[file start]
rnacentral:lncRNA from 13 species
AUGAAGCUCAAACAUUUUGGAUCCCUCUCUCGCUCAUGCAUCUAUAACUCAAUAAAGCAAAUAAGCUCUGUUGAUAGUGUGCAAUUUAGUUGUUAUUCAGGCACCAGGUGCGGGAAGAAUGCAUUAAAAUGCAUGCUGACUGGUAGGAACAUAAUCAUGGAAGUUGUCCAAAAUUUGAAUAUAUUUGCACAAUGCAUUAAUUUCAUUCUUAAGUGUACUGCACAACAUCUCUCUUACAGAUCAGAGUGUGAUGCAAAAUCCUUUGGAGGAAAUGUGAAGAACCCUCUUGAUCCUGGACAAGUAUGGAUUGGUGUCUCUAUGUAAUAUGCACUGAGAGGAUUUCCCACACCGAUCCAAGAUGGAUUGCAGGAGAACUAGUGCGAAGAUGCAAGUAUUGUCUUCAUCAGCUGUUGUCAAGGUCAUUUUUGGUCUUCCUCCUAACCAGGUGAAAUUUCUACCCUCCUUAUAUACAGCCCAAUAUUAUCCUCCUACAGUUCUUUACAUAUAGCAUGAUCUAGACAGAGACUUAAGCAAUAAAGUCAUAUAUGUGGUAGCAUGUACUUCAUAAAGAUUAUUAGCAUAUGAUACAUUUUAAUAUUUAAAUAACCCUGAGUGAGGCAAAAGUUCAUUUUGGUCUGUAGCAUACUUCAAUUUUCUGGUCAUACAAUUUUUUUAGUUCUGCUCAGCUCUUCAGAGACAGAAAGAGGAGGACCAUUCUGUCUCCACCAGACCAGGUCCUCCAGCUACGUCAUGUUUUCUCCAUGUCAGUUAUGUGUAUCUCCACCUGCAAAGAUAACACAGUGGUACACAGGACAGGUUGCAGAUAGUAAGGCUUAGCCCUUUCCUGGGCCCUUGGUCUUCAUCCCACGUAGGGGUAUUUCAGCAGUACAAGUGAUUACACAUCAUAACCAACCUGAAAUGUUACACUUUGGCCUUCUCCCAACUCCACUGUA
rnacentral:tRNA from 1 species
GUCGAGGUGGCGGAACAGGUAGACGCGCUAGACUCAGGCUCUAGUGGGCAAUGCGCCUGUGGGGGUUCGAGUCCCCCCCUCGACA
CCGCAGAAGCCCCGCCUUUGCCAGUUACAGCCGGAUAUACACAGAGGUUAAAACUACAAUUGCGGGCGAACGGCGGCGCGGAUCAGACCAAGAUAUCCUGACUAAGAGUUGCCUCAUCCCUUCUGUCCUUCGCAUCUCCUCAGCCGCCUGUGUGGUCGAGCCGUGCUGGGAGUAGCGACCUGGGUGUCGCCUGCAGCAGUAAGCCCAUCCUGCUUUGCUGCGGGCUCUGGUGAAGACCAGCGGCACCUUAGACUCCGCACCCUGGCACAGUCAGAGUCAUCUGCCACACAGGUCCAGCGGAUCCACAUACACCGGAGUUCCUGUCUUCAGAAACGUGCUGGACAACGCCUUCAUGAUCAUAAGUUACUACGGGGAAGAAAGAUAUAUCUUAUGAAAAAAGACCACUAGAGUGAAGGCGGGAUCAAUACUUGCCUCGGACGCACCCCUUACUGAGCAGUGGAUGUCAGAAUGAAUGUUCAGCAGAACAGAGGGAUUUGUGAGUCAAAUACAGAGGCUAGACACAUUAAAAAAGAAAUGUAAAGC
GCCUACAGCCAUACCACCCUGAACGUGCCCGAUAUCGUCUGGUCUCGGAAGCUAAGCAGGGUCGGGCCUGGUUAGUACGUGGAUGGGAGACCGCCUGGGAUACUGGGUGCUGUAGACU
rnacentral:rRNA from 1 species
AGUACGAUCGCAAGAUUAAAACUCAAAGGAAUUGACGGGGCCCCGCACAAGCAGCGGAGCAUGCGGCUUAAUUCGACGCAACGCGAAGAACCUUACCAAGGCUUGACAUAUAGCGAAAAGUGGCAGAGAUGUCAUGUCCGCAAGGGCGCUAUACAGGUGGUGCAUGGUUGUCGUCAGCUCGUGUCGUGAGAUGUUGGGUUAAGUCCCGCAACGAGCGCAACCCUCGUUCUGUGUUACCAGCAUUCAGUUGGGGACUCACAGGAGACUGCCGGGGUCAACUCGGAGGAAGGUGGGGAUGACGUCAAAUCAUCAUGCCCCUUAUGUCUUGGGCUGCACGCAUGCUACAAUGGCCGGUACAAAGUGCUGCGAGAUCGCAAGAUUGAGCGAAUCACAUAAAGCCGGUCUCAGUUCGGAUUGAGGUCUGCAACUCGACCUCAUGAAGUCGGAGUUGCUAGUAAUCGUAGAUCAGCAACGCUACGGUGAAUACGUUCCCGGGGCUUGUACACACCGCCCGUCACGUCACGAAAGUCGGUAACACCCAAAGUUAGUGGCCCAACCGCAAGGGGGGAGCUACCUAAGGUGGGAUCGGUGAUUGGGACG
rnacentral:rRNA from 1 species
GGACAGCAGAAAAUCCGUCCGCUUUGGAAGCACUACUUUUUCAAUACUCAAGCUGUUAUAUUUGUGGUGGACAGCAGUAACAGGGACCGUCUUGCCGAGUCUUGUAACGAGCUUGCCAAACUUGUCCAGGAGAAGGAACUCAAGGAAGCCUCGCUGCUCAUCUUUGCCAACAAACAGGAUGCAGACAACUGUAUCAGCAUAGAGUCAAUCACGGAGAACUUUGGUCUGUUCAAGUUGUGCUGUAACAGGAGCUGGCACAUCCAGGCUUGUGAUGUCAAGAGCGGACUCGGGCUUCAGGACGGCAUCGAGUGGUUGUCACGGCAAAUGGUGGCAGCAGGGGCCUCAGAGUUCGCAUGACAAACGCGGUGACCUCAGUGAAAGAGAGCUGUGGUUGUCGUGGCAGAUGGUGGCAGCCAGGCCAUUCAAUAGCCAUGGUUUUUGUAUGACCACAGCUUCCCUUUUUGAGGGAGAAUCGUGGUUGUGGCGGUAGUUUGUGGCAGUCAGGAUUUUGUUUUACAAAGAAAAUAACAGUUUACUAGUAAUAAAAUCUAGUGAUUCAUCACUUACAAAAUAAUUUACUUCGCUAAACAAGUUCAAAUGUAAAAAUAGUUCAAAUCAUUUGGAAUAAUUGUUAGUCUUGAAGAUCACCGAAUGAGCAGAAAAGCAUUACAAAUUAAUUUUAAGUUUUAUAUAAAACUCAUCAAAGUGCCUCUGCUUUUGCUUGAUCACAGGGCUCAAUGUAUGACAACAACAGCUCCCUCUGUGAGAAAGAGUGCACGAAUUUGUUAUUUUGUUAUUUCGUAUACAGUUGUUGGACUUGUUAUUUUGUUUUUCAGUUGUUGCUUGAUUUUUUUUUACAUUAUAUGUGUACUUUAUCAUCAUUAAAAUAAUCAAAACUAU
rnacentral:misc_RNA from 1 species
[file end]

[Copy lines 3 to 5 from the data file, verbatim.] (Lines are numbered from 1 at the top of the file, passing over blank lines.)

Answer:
rnacentral:tRNA from 1 species
GUCGAGGUGGCGGAACAGGUAGACGCGCUAGACUCAGGCUCUAGUGGGCAAUGCGCCUGUGGGGGUUCGAGUCCCCCCCUCGACA
CCGCAGAAGCCCCGCCUUUGCCAGUUACAGCCGGAUAUACACAGAGGUUAAAACUACAAUUGCGGGCGAACGGCGGCGCGGAUCAGACCAAGAUAUCCUGACUAAGAGUUGCCUCAUCCCUUCUGUCCUUCGCAUCUCCUCAGCCGCCUGUGUGGUCGAGCCGUGCUGGGAGUAGCGACCUGGGUGUCGCCUGCAGCAGUAAGCCCAUCCUGCUUUGCUGCGGGCUCUGGUGAAGACCAGCGGCACCUUAGACUCCGCACCCUGGCACAGUCAGAGUCAUCUGCCACACAGGUCCAGCGGAUCCACAUACACCGGAGUUCCUGUCUUCAGAAACGUGCUGGACAACGCCUUCAUGAUCAUAAGUUACUACGGGGAAGAAAGAUAUAUCUUAUGAAAAAAGACCACUAGAGUGAAGGCGGGAUCAAUACUUGCCUCGGACGCACCCCUUACUGAGCAGUGGAUGUCAGAAUGAAUGUUCAGCAGAACAGAGGGAUUUGUGAGUCAAAUACAGAGGCUAGACACAUUAAAAAAGAAAUGUAAAGC